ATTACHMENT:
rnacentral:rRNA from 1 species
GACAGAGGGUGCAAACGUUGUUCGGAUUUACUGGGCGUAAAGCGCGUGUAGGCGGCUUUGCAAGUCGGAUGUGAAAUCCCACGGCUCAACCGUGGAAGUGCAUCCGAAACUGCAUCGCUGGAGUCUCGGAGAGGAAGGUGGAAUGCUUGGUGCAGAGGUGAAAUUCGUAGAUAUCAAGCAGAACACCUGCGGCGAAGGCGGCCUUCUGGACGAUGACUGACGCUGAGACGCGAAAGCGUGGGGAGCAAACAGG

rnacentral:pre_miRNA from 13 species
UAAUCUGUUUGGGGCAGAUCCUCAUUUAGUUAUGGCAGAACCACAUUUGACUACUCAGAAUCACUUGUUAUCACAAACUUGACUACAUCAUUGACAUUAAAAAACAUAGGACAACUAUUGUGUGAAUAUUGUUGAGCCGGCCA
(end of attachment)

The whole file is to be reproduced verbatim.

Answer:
rnacentral:rRNA from 1 species
GACAGAGGGUGCAAACGUUGUUCGGAUUUACUGGGCGUAAAGCGCGUGUAGGCGGCUUUGCAAGUCGGAUGUGAAAUCCCACGGCUCAACCGUGGAAGUGCAUCCGAAACUGCAUCGCUGGAGUCUCGGAGAGGAAGGUGGAAUGCUUGGUGCAGAGGUGAAAUUCGUAGAUAUCAAGCAGAACACCUGCGGCGAAGGCGGCCUUCUGGACGAUGACUGACGCUGAGACGCGAAAGCGUGGGGAGCAAACAGG

rnacentral:pre_miRNA from 13 species
UAAUCUGUUUGGGGCAGAUCCUCAUUUAGUUAUGGCAGAACCACAUUUGACUACUCAGAAUCACUUGUUAUCACAAACUUGACUACAUCAUUGACAUUAAAAAACAUAGGACAACUAUUGUGUGAAUAUUGUUGAGCCGGCCA